My trip to meet Him at Sidhabari | Day 1

27th Dec 2011

I woke up at 4:45 am and was pretty excited about my first trip to Chinmaya Tapovan at Sidhabari (Kangra Dist, Himachal Pradesh). My friend Gaurav & Br. Suvirji dropped me at Ludhiana bus stop where I had to get my bus to Dharamshala. I was 30 minutes early at the stop and the temperature was one degree. Tea was like Amrut for me throughout my stay in Punjab since the past two weeks when the temperature was always in a single-digit number. I had a nice hot tea that kept me warm for a few minutes. At 6:30, our bus started. I was well-equipped physically (and mentally too) with an inner thermal wear, a sweater, another thick sweater over it, a pair of gloves, a muffler, woolen cap, double pair of socks and a shawl. While I sat in the bus, I took as much care to keep every part of my body inside the woolens. Despite the windows being closed, the winds managed to squeeze in through all the possible gaps. I had three rounds of my muffler over my ears and also had my woolen cap to cover it. Still, the cold air penetrated inside upto my spine. I felt very uncomfortable due to the freezing climate and struggled really hard to wrap myself up inside the woolen shawl to keep me warm. Finally, I realized that nothing’s going to change and I better divert my attention for the remaining 7 hours of travel.

I dozed off couple of times during the journey. Until we were in Punjab, it was very foggy. By the time we entered Himachal, the climate and scenery were different. Mountains started to appear from a distance. We had four halts of 15 minutes each at the Hoshiarpur, Dehra, Kangra and another stop before finally reaching Dharamshala at 2 pm. The place is more populated by monkeys than by humans. At every 5 feet on the roads of the ghats, we could see monkeys. This continued for many kilometers. They would stare at every vehicle, their eyes hoping for some throw away food. These many number of monkeys on the roads showed how much they must be falling short of food in their natural habitat that they all have to come on the roads.The landscape that we saw through the window cannot be described. The mountains just stood there to show their majestic look. The mountain sides adjoining the roads looked really strange (for me). They were full of round stones and they were protruding from the sides. These stones looked like the round stones that we usually find in streams. At Purana Kangra, we came across a stream (a river probably) that gushed with clear water over the grey stones. Kangra houses were roofed with black coloured slate which is a specialty of Himachal. At some places, we could see green fields bordered by grey stones, and in between there would be some huge trees. The beauty of that scenery was indescribable. Sometimes there would be a lot of trees together which had leaves in different shades of green, orange and brown standing erect with the magnificent mountains at in the background and clear blue skies above them. Mother Nature looked very blissful on all sides.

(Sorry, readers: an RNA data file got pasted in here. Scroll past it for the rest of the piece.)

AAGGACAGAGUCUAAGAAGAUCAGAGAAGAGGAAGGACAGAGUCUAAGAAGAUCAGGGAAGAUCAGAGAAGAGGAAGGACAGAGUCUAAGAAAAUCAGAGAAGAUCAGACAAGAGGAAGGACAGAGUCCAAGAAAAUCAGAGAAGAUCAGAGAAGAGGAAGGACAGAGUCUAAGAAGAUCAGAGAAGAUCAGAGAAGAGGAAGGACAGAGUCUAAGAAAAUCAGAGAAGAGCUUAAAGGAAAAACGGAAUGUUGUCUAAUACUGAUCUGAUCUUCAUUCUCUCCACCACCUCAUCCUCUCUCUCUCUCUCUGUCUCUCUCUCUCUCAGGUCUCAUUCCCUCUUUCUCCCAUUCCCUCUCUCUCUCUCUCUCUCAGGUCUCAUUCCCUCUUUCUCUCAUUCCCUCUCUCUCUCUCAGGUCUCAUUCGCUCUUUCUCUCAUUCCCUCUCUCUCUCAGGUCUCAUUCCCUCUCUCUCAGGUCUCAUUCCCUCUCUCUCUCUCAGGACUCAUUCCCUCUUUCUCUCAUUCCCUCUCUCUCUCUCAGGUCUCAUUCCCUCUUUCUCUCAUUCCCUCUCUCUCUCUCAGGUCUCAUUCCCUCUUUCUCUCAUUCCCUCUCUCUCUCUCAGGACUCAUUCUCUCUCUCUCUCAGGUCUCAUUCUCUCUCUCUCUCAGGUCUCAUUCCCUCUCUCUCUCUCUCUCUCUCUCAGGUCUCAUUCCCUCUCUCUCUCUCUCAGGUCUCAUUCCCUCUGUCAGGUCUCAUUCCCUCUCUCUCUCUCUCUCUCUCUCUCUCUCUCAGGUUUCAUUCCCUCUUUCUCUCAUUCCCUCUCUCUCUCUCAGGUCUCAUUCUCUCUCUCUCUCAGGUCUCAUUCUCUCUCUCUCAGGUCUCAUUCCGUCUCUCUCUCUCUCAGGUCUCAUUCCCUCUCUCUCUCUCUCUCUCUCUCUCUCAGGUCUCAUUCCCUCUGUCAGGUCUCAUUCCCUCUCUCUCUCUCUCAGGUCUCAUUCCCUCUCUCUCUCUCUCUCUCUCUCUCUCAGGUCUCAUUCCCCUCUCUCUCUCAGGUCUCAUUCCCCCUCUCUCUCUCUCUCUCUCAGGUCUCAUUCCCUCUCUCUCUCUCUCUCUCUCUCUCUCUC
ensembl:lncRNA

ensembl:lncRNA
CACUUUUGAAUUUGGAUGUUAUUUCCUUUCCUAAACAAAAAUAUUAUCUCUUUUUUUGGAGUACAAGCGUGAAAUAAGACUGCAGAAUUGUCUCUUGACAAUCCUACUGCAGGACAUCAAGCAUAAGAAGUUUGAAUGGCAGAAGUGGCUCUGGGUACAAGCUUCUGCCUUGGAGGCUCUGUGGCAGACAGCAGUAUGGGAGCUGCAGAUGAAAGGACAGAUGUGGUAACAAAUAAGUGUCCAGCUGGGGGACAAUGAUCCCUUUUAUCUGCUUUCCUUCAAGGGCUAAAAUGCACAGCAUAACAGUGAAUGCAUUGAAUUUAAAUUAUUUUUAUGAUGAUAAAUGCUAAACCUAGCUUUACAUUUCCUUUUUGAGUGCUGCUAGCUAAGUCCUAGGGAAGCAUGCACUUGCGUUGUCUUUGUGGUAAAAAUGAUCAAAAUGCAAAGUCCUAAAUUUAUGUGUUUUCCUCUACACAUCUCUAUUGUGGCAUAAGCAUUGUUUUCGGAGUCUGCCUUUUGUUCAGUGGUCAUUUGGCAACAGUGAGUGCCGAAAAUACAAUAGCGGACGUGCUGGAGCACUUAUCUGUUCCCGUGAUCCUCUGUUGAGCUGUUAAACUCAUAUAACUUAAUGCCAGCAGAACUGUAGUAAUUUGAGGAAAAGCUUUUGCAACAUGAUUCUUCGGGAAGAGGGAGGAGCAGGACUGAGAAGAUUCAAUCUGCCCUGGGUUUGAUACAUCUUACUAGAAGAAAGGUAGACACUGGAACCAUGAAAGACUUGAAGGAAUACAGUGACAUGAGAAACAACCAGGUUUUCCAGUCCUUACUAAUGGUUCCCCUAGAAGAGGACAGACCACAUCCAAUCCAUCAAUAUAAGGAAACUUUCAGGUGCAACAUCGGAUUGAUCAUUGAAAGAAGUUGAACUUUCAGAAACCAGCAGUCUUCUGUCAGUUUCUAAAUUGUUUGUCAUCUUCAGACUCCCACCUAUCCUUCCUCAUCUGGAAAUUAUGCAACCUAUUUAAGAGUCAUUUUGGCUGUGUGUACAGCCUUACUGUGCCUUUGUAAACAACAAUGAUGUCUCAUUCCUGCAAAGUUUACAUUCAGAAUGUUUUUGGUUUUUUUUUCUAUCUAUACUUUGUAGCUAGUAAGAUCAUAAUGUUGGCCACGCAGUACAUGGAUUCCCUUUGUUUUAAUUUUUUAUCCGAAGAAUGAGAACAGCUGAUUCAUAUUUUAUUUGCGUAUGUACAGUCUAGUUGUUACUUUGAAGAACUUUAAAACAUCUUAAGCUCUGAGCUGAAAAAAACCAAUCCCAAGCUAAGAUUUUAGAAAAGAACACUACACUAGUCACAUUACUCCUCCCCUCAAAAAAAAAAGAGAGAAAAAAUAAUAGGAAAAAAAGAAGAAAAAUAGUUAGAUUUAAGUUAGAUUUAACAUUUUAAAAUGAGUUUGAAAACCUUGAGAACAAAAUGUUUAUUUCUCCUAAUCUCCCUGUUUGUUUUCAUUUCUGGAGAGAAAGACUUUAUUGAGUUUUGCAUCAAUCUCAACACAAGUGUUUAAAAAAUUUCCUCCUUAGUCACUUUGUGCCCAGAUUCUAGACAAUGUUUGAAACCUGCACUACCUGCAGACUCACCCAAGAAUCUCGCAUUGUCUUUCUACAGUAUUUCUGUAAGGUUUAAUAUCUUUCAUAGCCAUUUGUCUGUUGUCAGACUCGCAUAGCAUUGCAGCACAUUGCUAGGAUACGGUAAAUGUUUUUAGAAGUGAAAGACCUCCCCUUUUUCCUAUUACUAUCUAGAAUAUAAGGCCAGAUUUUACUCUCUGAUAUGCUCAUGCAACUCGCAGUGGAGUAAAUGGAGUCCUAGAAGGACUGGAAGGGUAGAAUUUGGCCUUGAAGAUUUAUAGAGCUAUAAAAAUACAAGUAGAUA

At Dharamshala, the bus conductor guided me to the bus that would go to Sidhabari where Chinmaya Tapovan ashram is located. I took the bus and got down at Sidhabari which was around 8 kms from Dharamshala. A man at the bus stop ¬¬¬¬guided me half the way to the ashram. I didn’t know that it was 1.5 kms walk from the bus stop. With my luggage and laptop, it was a walk indeed where I sweated (for the first time in this climate).